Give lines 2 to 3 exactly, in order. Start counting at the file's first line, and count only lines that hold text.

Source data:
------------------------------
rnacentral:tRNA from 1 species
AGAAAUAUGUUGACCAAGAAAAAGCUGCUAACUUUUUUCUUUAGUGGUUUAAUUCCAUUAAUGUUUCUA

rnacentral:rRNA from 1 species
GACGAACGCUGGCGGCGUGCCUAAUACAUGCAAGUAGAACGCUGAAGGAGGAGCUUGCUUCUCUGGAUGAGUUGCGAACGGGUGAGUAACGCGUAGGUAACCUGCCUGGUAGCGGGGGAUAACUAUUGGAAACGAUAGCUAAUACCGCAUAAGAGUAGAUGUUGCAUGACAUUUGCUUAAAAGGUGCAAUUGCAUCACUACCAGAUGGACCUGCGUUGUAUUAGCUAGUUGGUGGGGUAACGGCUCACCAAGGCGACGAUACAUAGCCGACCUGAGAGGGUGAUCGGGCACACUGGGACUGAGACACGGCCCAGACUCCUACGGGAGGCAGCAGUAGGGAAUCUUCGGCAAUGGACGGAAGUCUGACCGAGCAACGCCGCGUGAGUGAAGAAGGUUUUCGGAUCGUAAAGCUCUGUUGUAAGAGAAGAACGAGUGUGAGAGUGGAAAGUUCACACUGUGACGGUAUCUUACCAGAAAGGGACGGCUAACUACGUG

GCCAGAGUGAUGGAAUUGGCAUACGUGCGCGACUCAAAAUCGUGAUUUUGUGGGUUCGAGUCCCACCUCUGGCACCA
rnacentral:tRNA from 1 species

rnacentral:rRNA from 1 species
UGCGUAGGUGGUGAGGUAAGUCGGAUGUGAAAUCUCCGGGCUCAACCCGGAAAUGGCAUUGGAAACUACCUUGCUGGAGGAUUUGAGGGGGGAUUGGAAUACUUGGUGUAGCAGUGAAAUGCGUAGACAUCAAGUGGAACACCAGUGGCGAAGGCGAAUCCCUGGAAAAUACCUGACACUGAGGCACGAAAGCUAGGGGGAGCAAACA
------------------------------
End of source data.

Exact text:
AGAAAUAUGUUGACCAAGAAAAAGCUGCUAACUUUUUUCUUUAGUGGUUUAAUUCCAUUAAUGUUUCUA

rnacentral:rRNA from 1 species